The Institute of Linguistics carries out research in a multidisciplinary environment and over a wide topic range (with 10 different specializations). This requires research to be closely linked with teaching activity and with international cooperation. The number of topics covered is very large, with 15 continuing projects and 29 new ones, of which a significant part consists of doctoral and habilitation theses in preparation. The Institute’s research methods make use of axiomatic models of language, comparative phonetics and phonology, linguistic methodology, analysis of logical aspects of social communication, computer natural language processing and speech technology. Among the new, dynamically developing fields of research with a wide range of practical applications are problems in linguistic communication, techniques of modern communication, simultaneous translation and multimodal communication. Also of importance for social development is the research carried out into legal language from a translation perspective, enabling the correct translation of legal documents, which are often problematic to interpret in the context of cultures and languages other than those in which they were originally created.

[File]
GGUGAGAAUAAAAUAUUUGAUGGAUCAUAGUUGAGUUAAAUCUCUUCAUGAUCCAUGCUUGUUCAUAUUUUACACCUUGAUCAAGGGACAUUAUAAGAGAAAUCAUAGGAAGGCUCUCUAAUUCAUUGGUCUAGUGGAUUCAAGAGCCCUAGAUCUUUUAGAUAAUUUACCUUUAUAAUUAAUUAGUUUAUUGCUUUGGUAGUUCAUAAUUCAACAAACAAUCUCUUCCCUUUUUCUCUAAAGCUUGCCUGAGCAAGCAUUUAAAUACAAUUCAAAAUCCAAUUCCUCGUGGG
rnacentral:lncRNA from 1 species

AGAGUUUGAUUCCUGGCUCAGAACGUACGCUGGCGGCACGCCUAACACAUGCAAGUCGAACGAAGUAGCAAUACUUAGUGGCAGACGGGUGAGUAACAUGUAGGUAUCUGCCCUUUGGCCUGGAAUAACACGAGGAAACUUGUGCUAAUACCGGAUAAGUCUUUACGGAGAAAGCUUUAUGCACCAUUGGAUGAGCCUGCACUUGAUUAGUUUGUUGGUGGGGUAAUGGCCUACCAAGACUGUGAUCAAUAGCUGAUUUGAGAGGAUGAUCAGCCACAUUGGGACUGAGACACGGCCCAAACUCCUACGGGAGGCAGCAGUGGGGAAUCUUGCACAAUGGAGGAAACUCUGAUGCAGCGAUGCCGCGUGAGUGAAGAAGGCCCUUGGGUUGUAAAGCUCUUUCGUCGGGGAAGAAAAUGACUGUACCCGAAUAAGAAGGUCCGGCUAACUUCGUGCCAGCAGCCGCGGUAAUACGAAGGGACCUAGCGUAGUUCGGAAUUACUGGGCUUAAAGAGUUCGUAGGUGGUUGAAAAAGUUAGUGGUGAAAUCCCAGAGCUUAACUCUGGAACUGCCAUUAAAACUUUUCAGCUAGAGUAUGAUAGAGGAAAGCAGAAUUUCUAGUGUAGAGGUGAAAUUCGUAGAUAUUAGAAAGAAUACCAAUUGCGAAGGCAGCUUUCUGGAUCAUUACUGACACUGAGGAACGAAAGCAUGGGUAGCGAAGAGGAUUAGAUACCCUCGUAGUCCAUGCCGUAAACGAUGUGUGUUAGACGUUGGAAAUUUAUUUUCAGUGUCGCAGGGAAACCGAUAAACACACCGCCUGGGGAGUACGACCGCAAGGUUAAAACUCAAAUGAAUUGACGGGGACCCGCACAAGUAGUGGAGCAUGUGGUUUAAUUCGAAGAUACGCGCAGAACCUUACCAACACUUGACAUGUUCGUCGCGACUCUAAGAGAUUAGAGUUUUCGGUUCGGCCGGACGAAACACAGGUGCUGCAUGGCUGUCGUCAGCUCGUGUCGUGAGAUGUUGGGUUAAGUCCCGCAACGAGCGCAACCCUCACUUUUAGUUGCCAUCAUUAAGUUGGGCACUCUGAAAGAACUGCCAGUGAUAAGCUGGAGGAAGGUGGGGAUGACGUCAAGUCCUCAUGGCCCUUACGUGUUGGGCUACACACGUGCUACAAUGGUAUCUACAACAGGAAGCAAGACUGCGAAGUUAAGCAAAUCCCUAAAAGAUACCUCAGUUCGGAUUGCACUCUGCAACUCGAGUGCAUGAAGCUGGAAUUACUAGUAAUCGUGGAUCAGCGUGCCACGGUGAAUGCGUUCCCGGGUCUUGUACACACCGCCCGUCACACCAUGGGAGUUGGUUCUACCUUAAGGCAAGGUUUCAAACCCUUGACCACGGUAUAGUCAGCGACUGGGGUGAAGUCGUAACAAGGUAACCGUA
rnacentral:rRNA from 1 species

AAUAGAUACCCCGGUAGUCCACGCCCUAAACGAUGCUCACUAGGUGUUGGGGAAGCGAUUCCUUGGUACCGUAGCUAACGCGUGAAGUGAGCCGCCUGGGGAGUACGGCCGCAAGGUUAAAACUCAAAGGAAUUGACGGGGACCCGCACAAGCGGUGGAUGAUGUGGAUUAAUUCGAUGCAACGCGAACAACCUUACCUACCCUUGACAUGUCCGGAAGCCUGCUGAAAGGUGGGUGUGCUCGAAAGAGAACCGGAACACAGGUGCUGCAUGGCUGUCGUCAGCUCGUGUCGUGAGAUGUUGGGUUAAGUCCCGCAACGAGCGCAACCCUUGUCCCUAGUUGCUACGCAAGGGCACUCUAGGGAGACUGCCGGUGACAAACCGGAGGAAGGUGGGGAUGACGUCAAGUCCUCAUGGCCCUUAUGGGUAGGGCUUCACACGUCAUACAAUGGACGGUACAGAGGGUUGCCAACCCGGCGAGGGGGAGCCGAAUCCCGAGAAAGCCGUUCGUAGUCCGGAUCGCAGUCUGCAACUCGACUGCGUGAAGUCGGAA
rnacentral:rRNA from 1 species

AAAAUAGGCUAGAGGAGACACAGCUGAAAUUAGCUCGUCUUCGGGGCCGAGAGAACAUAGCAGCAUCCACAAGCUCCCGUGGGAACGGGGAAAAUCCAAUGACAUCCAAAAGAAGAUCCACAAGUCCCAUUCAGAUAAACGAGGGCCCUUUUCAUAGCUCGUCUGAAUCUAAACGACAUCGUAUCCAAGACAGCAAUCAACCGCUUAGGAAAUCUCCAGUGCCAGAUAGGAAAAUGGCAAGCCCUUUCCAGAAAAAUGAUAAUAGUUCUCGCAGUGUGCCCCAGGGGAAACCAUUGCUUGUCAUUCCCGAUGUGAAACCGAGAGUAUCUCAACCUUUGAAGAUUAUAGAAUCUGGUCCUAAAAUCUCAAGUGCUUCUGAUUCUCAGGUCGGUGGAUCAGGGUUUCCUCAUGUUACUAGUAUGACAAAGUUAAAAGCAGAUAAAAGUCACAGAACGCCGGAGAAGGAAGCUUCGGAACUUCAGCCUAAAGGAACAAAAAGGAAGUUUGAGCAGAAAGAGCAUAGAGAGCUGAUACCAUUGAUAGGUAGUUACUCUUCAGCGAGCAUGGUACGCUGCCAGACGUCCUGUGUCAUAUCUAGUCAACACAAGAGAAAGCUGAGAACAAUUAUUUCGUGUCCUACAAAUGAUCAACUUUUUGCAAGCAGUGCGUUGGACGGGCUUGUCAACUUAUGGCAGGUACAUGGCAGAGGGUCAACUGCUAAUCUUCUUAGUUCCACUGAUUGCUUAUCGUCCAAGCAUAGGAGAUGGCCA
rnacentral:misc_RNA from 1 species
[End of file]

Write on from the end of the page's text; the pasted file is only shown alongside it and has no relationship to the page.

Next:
The Institute of Applied Linguistics

The Institute of Applied Linguistics puts into practice Humboldt’s maxim of combining research with teaching in all the available specializations: teacher training, translation studies, and communication and mediation studies. Its activity is founded on research in the fields of linguistics, language teaching, translation and cultural studies, with an emphasis on questions of an intercultural nature. Topics of the Institute’s research projects include the theoretical and practical aspects of language learning and teaching, speech acquisition, first and subsequent foreign language learning, teaching in bilingual classes, specialist language teaching, relations between language and culture from a teaching and learning perspective, intercultural and intersemiotic communication, microteaching in the training of teachers of foreign languages, various types of research into translation and translation techniques, application of the results of contrastive studies of German, Polish and English in translation and in lexicography and grammatical description, the functions and structure of functional texts, and research into international constructed languages (such as Esperanto).